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News, April 2008


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Editorial Note: The following news reports are summaries from original sources. They may also include corrections of Arabic names and political terminology. Comments are in parentheses.

Reuters Cameraman, Fadhil Shana'a, Killed by Israeli Occupation Forces

Haniya calls for filing a lawsuit against Israel for its crimes against media

[ 17/04/2008 - 08:03 AM ]


Ismail Haniya, the premier of the caretaker government, extended his condolences to the family of slain cameraman Fadhil Shana'a and the Reuters news agency, calling on all international institutions concerned with the rights of journalists to hasten to expose Israel's crimes against the media and file a lawsuit against it.

Reuters published the details of the death of its cameraman Shana'a after he was targeted by an Israeli occupation tank projectile Wednesday evening in the central Gaza Strip.

According to Reuters, an Israeli occupation tank fired a shell at Shna'a as he was getting off his car to cover the Israeli invasion and aggression in the Johr Al-Deek area, while his colleague Wafa Abu Mazeed who works as a sound technician for the same news agency survived, but is being treated for shock.  

The Palestinian journalist bloc stated that the assassination of Shana'a was premeditated in order to prevent any exposure of the Israeli criminal war against Gaza by media outlets, pointing out that this was not the first time in which Israel targeted media workers where its warplanes and tanks had already targeted them during the last massacre in Gaza and during Al-Aqsa Intifada.

Reuters said Shana'a was not married and enjoyed popularity among the news coverage team in the Gaza Strip which was honored last month by the British Royal Television Society for covering the events in the Palestinian arena. 

Reuters Cameraman Fadhil Shana'a Buried

Date: 17 / 04 / 2008  Time:  15:29
Gaza – Ma'an –

There were two coffins in the funeral procession for Reuters cameraman Fadhil Shana'a, one carried his lifeless corpse and the other his camera and his protective vest.

Many tears were shed at the funeral. During his career Shana'a also shed many tears as he documented bereaved mothers and children.

Twenty three-year-old Shana'a always went in pursuit of the truth and the last moments of his life were spent in pursuit of that truth. His dead body was found lying among dead Gazan children targeted by Israeli occupation tanks in the area of Juhor ad Dik in the Gaza Strip. The last shot his camera documented was the artillery shell that killed him. The Israeli authorities said he was killed accidentally.

An eyewitness, journalist Yassir Qadih, said, "Reuters journalist Fadil Shana'a was killed while he was in a jeep which was clearly marked 'Press'."

"There was nobody around us except a group of children who we were going to film. There were no resistance groups in the area" he added.

Television footage showed the jeep, with large signs reading "Press" and "TV" with a gaping hole blown in the driver's side.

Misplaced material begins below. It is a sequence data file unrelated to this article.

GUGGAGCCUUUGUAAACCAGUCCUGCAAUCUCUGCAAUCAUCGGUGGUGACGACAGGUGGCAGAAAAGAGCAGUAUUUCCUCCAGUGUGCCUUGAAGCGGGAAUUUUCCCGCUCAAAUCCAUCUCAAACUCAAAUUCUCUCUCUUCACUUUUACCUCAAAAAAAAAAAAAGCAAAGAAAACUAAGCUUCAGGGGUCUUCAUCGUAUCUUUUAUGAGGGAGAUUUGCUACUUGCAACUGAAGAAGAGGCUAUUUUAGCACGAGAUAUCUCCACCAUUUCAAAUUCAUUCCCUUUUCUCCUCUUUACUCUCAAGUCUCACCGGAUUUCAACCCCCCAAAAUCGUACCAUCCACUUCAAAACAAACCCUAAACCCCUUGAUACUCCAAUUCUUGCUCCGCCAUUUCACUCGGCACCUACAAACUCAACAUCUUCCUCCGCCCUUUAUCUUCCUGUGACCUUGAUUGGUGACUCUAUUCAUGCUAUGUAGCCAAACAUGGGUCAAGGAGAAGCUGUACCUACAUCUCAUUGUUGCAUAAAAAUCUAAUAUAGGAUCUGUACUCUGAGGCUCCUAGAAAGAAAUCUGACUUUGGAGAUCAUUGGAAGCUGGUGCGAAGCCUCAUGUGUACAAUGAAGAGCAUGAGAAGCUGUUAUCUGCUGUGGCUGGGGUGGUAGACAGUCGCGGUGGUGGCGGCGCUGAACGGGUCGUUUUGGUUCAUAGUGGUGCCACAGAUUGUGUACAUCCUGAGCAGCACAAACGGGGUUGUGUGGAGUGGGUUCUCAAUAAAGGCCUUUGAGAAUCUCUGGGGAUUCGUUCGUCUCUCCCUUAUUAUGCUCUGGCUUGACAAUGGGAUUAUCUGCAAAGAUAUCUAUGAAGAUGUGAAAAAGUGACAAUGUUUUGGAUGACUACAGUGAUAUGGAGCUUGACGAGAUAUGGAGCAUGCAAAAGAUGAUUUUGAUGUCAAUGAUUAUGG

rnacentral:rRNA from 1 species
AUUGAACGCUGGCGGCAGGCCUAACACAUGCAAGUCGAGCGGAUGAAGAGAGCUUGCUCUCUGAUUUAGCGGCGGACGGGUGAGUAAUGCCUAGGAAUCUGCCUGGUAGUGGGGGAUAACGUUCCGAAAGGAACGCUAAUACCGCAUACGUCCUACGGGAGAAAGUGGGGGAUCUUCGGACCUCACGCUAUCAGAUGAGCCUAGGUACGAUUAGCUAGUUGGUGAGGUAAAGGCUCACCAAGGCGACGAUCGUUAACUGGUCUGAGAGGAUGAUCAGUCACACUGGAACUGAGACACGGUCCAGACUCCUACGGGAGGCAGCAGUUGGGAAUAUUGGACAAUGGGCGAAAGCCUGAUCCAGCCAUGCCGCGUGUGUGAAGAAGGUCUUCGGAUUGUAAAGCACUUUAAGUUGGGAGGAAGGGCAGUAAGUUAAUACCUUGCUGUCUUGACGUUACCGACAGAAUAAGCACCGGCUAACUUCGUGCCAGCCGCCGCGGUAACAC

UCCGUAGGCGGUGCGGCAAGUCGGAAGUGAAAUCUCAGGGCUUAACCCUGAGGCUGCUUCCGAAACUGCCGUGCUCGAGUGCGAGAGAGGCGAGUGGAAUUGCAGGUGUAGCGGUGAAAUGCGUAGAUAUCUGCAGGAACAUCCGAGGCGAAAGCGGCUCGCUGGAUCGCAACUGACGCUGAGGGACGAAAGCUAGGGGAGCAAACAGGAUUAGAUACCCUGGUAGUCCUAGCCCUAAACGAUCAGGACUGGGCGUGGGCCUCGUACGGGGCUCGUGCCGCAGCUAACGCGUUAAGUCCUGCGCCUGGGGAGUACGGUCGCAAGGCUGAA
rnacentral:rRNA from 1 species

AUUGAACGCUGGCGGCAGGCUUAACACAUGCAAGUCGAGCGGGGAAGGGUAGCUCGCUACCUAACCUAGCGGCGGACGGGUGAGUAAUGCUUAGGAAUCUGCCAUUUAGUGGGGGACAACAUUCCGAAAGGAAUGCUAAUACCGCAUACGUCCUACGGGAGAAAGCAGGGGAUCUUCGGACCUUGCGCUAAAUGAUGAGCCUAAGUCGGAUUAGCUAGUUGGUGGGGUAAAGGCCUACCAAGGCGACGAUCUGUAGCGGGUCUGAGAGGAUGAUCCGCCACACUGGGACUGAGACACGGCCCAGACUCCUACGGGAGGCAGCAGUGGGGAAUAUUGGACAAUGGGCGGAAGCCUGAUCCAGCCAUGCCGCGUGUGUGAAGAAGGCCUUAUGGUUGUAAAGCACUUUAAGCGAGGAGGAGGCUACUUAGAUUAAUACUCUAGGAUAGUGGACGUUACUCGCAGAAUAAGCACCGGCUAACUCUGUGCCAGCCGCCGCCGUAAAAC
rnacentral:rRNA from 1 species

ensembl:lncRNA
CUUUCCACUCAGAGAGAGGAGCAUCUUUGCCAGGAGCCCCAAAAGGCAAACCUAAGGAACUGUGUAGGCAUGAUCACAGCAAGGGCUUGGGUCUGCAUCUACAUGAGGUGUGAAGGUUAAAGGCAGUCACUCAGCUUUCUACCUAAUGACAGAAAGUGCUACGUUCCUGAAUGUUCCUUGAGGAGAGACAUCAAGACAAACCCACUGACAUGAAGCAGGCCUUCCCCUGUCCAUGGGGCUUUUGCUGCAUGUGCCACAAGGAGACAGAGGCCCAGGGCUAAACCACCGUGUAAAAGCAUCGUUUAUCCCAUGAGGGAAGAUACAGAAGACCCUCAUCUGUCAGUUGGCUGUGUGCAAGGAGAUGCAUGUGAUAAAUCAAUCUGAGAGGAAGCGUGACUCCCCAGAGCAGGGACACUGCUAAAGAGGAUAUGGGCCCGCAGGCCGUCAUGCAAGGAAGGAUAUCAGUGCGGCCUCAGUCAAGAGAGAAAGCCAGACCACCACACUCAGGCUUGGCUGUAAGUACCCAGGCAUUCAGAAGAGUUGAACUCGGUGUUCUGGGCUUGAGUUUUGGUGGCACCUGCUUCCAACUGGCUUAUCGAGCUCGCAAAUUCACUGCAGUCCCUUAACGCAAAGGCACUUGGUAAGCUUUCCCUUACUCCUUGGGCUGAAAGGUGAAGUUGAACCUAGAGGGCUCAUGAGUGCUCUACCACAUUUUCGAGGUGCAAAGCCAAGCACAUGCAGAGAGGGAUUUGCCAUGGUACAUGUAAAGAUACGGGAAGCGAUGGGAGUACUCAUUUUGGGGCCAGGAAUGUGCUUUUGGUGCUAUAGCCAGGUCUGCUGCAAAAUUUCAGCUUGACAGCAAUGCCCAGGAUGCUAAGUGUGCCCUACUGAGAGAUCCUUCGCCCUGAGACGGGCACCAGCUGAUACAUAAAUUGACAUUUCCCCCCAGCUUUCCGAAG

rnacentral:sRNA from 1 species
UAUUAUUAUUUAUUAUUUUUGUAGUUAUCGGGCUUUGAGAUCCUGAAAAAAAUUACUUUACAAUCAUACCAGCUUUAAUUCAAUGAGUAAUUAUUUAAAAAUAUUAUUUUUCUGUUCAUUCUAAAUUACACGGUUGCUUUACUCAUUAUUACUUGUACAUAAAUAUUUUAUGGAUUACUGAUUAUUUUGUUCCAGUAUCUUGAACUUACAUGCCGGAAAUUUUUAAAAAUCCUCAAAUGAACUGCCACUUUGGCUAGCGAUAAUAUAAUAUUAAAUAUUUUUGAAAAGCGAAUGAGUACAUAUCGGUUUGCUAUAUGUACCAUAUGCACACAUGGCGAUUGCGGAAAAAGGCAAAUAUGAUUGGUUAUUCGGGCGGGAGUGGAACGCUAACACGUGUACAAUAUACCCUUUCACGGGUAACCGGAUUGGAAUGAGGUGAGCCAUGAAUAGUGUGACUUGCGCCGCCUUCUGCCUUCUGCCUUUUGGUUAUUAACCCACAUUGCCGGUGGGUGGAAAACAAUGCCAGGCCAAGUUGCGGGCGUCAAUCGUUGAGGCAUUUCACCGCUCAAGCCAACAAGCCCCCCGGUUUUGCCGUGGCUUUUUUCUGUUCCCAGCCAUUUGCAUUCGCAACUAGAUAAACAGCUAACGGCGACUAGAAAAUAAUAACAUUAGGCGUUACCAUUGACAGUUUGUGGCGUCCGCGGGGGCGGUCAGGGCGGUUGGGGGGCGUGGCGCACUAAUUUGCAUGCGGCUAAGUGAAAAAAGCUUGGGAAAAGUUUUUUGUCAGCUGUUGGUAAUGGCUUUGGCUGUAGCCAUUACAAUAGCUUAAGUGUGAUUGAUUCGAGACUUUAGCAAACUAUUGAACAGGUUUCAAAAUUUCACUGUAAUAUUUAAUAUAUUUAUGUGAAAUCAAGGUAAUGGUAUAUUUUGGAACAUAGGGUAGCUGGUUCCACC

Reuter's editor Nidal Al-Mughrabi was working with Shana'a up until he was killed, "The last picture Shana'a shot was a shell and suddenly we lost contact which meant he had been killed."

"The last thing Shana'a filmed was benzene canisters in a gas station in the central Gaza Strip. Then we headed to film victims of the Israeli attacks on Juhor Al-Deek. When Fadhil picked up the camera and got out of the car, an Israeli occupation tank shell ended his life," said Arafat 'Uwda, Shana'a's assistant.

Reuters stated on its web site that “Shana’a was covering events in the Gaza Strip for Reuters on a day of intense violence.” “He had stepped from his car to film an Israeli tank dug in several hundred meters away, when an explosion killed him and two youths passing by. Video from Shana'as camera showed the tank opening fire. Two seconds after the shot raises dust around its gun, the tape goes blank – seemingly at the moment Shana'a was hit,” the statement added.

"My colleague Fadhil Shana'a was the best and most courageous cameraman, and he got on well with everybody. But this is the destiny of every photojournalist who conveys the truth," said Rami 'Ubaid, a photojournalist for Ramatan news agency.

Fatah leader Hazim Abu Shanab, described targeting journalists as a "great crime," affirming that Israel does not recognize the Geneva Conventions. "The world should know the truth, and this is the duty of journalists," he added.

Hamas spokesperson Fawzi Barhoum said, "The Israeli occupation forces target journalists in order to kill the truth and impose political plans through dismembered limbs."

Senior Islamic Jihad leader Khalid Al-Batsh said that targeting journalists was part of "the holocaust policy" announced by Israeli forces. "They kill journalists, children, women and elderly citizens without exception," he said.

Since the beginning of the Intifada in late September 2000, Israeli occupation Forces have killed nine journalists, including an Italian and a British journalist, and have wounded at least 170 others.

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